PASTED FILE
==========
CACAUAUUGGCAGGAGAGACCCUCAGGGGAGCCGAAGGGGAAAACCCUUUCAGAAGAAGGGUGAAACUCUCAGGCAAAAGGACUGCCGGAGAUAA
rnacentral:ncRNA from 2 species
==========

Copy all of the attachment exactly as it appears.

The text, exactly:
CACAUAUUGGCAGGAGAGACCCUCAGGGGAGCCGAAGGGGAAAACCCUUUCAGAAGAAGGGUGAAACUCUCAGGCAAAAGGACUGCCGGAGAUAA
rnacentral:ncRNA from 2 species